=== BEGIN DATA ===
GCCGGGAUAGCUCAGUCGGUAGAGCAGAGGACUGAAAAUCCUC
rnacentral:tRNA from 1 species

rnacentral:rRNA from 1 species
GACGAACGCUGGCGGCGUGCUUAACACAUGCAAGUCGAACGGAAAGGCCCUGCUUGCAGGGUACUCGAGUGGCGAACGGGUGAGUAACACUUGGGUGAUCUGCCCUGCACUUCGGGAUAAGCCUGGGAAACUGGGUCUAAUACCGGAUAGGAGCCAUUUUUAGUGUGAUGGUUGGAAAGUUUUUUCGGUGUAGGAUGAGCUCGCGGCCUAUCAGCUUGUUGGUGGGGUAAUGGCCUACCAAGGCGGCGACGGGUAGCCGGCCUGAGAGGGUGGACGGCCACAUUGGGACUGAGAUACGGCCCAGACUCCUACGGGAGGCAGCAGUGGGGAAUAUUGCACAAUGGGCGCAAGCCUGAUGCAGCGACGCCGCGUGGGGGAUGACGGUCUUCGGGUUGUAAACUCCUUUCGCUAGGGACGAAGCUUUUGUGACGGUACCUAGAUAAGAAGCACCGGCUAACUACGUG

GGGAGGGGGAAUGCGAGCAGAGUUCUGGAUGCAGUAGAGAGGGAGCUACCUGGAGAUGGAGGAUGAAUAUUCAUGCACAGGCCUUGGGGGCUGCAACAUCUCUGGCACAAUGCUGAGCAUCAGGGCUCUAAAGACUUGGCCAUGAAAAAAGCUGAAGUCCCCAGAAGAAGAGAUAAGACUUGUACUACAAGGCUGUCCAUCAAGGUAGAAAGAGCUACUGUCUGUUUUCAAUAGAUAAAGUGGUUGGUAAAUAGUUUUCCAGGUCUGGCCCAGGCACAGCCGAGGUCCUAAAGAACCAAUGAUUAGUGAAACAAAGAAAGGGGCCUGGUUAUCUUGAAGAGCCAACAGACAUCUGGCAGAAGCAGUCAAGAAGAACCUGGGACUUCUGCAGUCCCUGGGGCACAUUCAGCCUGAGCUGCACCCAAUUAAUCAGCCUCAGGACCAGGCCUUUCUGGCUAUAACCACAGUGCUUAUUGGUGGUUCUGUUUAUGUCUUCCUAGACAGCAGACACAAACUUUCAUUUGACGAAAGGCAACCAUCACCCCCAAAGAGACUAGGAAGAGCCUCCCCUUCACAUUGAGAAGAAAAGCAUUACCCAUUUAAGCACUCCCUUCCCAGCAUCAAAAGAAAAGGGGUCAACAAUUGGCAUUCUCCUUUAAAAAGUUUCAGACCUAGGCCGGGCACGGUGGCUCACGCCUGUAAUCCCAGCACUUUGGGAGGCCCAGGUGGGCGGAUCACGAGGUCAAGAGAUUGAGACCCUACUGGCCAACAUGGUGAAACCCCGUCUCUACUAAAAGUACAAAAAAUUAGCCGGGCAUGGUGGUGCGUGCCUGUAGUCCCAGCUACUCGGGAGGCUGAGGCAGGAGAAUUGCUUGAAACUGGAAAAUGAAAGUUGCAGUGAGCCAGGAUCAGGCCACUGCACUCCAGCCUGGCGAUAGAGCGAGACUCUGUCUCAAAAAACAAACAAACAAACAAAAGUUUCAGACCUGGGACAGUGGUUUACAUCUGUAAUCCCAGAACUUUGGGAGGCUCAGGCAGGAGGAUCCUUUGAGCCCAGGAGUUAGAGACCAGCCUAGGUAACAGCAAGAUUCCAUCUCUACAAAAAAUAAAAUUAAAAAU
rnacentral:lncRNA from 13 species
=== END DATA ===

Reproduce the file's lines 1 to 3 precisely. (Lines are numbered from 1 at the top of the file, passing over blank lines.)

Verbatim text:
GCCGGGAUAGCUCAGUCGGUAGAGCAGAGGACUGAAAAUCCUC
rnacentral:tRNA from 1 species

rnacentral:rRNA from 1 species